About 100 people rallied at Pioneer Courthouse Square this afternoon, demonstrating against Egyptian president Hosni Mubarak and urging the White House to be harder on the Mubarak regime.
As popular protests racked Egypt for the fifth straight day,
supporters of the Egyptian protesters held rallies in solidarity across the United States and the globe. In Portland, members of the local Egyptian community and their
waved Egyptian flags and held signs reading “Democracy for Egypt” and “Egypt We
Their chants targeted Mubarak, who has ruled Egypt with an authoritarian hand for 30 years. “The people want Mubarak out!” protesters called. They continued: “Then Mubarak, you will see, you will follow Ben-Ali,” referencing deposed Tunisian president Zine al-Abidine Ben Ali, who was forced out of power earlier this month after convulsive protests.
Attendees said their aims were twofold—first, to show solidarity with Egyptians, and second, to pressure the Obama administration to take a tougher line against Mubarak.
“I’m so frustrated by Obama and the White House,” said Rany Elsayed, an Egyptian who came to the United States in 1999 and now works as a physics researcher at Intel. “Obama has to choose—does he want Mubarak or does he want Egypt? Either you support democracy or you support Mubarak.”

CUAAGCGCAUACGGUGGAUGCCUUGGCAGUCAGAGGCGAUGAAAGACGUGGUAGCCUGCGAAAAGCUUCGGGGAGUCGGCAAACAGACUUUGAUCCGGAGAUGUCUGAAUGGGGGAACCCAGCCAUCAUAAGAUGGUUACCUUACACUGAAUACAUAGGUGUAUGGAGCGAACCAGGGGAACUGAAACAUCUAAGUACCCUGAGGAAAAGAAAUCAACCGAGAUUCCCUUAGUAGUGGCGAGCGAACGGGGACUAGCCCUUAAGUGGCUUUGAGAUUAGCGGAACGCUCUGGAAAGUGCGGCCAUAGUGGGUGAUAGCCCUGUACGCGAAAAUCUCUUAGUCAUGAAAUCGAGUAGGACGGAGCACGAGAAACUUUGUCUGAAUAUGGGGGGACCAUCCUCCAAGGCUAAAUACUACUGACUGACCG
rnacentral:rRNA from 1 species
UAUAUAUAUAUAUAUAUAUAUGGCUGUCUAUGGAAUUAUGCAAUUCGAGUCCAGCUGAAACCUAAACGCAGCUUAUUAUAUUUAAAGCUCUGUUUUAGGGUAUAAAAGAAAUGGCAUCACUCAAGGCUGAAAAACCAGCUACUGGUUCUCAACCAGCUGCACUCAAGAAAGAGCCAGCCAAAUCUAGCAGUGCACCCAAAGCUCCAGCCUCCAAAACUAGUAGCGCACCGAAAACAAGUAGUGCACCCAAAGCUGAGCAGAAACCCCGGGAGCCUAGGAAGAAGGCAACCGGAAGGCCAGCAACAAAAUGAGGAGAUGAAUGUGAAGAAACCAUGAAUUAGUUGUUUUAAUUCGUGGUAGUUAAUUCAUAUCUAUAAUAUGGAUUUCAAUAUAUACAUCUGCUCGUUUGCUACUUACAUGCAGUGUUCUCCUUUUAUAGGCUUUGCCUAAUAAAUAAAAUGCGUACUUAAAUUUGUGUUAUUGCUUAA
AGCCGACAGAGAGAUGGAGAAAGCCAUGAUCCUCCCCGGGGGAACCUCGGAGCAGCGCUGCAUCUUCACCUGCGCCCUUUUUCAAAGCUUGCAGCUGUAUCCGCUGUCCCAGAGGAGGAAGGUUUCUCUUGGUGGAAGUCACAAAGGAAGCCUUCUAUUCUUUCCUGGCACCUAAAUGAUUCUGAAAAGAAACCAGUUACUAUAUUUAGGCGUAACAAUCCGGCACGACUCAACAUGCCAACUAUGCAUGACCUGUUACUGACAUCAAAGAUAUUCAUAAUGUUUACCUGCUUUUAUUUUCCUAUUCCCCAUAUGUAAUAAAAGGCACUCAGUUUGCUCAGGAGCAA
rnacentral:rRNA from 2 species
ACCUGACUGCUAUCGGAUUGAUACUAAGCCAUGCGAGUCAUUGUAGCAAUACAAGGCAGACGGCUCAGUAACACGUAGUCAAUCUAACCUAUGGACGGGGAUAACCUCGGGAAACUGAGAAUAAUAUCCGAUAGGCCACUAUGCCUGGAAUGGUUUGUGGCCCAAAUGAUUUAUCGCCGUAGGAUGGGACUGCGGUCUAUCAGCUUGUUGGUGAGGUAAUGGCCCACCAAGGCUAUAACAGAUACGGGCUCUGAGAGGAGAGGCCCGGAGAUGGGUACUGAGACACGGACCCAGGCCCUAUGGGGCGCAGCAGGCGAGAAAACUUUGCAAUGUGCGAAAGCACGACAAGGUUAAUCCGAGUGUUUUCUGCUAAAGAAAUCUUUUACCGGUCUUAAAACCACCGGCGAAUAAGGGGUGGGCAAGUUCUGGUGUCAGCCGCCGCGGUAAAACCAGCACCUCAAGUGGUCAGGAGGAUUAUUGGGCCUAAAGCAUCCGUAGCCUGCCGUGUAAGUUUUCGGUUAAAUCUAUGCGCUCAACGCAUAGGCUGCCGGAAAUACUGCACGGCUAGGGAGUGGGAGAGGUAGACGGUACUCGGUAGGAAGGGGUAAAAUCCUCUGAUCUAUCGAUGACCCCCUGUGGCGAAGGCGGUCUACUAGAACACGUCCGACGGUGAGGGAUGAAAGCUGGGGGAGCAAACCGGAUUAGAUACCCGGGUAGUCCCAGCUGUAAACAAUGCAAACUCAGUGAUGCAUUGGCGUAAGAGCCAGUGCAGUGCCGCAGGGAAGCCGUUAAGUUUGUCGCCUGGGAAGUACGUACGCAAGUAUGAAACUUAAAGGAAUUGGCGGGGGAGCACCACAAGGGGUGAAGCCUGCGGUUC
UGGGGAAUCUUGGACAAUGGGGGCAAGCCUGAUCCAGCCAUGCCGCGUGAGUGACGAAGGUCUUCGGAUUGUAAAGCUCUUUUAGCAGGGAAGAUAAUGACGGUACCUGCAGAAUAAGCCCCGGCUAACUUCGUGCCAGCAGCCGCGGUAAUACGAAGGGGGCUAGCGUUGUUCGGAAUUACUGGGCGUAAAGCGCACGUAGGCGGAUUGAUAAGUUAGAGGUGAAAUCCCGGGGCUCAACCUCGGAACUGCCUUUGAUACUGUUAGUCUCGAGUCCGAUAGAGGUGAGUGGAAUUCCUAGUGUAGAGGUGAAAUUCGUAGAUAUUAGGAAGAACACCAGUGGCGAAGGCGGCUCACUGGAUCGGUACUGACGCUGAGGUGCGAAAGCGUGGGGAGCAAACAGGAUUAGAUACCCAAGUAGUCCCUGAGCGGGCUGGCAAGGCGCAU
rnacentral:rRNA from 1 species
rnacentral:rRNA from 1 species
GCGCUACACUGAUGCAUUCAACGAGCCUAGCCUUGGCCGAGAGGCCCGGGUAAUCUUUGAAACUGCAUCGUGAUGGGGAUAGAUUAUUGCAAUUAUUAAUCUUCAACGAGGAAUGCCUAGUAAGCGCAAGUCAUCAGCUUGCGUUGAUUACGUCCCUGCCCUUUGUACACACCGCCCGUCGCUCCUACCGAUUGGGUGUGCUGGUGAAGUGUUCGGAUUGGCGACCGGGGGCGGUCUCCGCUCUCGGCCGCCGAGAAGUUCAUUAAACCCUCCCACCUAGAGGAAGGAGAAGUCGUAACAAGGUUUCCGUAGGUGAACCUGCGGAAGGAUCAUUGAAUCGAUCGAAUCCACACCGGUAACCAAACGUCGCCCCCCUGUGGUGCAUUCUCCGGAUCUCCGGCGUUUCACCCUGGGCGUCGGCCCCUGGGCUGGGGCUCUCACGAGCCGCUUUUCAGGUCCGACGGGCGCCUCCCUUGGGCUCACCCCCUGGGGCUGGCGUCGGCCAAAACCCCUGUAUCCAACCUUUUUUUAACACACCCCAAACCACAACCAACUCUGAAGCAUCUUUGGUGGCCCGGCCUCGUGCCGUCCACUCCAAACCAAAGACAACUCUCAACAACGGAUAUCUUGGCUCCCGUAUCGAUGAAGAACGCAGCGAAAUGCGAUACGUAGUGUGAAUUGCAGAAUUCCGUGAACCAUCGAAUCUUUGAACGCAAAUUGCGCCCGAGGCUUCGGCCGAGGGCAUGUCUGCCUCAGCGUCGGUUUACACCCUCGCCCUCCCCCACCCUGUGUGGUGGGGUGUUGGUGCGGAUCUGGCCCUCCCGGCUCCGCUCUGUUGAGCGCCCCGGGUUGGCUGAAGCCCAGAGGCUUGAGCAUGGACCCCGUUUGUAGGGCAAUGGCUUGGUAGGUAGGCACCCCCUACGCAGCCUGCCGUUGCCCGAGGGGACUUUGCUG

A few steps away, Elsayed’s mother, visiting from Egypt, had joined her son. She would not give her name and declined to answer questions.
“She’s afraid,” Elsayed said. “She’s afraid of political repression when she gets back to Egypt.”
Protesters Abeer Sayed and her husband Ahmed Raslan left Egypt in 2004 to pursue educational opportunities here. Sayed’s brothers have joined the protests in Cairo—one suffered a minor injury after a rubber bullet hit his knee. Though it remains uncertain if Mubarak will be overthrown, Raslan called these protests a major step.
“Whatever happens, there will be a change in the psyche of the people,” he said. “This is the beginning of the end of the regime.”